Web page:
Selling a story – how to sell a story and get editors, magazines and newspapers interested in YOUR story …
Selling a story to a newspaper, magazine to TV or you have a book you want to get published? There are ways to sell a story by making you and your story more appealing to editors…
Here, we give you some general tips on how to successfully sell a story!
Sell a story about yourself
Many people fail to ‘sell a story’ about them. They do not tell editors enough about themselves. But the person who is selling a story is often what makes the story saleable in the first place. For example when we sell a story to a magazine, we need to know someone’s age because some magazines are targeted at women in their twenties and some at women aged over 50. And quite often if we are asked to write a feature, we are looking for people in a variety of age ranges. Similarly, information such as if you are divorced, a single mum, and what you do for a living are also helpful. If you have written a novel and you are a single mum of five for example, that might be a story for a magazine or a story to sell to newspaper in its own right – and certainly it is a way an editor might sell a story on your behalf when it comes to marketing your book.
Sell a story by keeping your pitch short and snappy
Editors are busy people. If you want to sell a story, you don’t want to put an editor off by sending too much to read too soon. If you write too much about your story at first they might decide to read it later and then there’s the danger it might never be read. So when selling a story try not to send them too much to read in one go. If possible, try to put the main points of a story into one or two paragraphs. If they want some more details, they can always ask you for more. If you are selling a story to a literary agent or publisher ensure you stick to the guidelines. And if you are submitting a short fiction story to a magazine, and they want no more than 5000 words, then send them that.
Sell a story using photos
Photos are often a very important part of a story. If you look in many magazines, you will usually see photos illustrating that person’s story. And in fact, a good set of photos can make your story more sellable and more valuable. This is why at Featureworld before we send a synopsis of someone’s story to a magazine or newspaper, we always ask interviewees to send photos. These photos always belong to the interviewee and cannot be sold or printed without their written consent – but we know lovely personal pictures can make a story sell. And in fact, the phrase that a photo can be worth 1000 words does hold true. Sometimes a photo can be the story. So when you are selling a story, don’t forget to look through the photo albums for some pictures to go with it.
FIND OUT MORE: SELL MY PHOTO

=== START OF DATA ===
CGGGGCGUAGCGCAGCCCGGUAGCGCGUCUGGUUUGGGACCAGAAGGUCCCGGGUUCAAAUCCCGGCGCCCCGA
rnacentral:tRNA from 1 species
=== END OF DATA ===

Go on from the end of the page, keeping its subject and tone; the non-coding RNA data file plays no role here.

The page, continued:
Get any legal documents ready to sell a story
When you sell a story through Featureworld, we will always give you legal advice regarding your story. However, some stories will require legal documents to back them up. Getting together any legal evidence before trying to sell a story can make your story worth more money. For example, if you are claiming your husband ran off with your best friend, it’s a good idea to find the divorce certificate that cites his adultery. And if you want to sell a story about a wrong-doing, any letters or emails you have between you and any organisation are often essential. So find them out so they are ready to send if a newspaper or magazine requires them.
Sell a story by making yourself available
It might sound obvious but when you are selling a story, you must make sure you are contactable. All too often a story comes into Featureworld, which we know will be perfect for a particular editor at a magazine or newspaper – but then we find the interviewee hard to contact. Occasionally that interviewee will come back days or even a week later still – by which time the opportunity to sell a story might have gone. We will always be happy to ring you at a convenient time – for example, when you have finished work – but if you get a call from an editor about selling your story, then respond to it as soon as you can. If you can’t speak right then, try to ring back quickly, email or text a time when you will be available.
Selling a story by being honest!
If your story has already appeared in a newspaper, magazine or on TV before, then say. These days a story can often be sold again – for example, if your story has appeared in a magazine, it might well be suitable for a newspaper (or vice versa). But as agents we can’t sell a story for you unless we know everything about your story! The same goes if you are publishing a book – it’s a good idea to tell a literary agent if you’ve approached publishers yourself or a synopsis of your book has already been sent out by another literary agent. Remember – agents want to sell a story because that is how they make their money. But to do this they need to work closely with you and to be able to tailor a marketing plan that takes account of any issues.
At the same time, confide any concerns you have about selling a story so your story can be accurately sold as you want it to be.
Selling a story to the media: Find out more:
I sold a story for £4,000! – one woman’s account of her real-life selling a story experience and how you can do the same.
Sell My Novel – more tips for selling a book or publicising your book.
Are you thinking of selling a story? Contact me for some more advice using the form to the right of this page>>>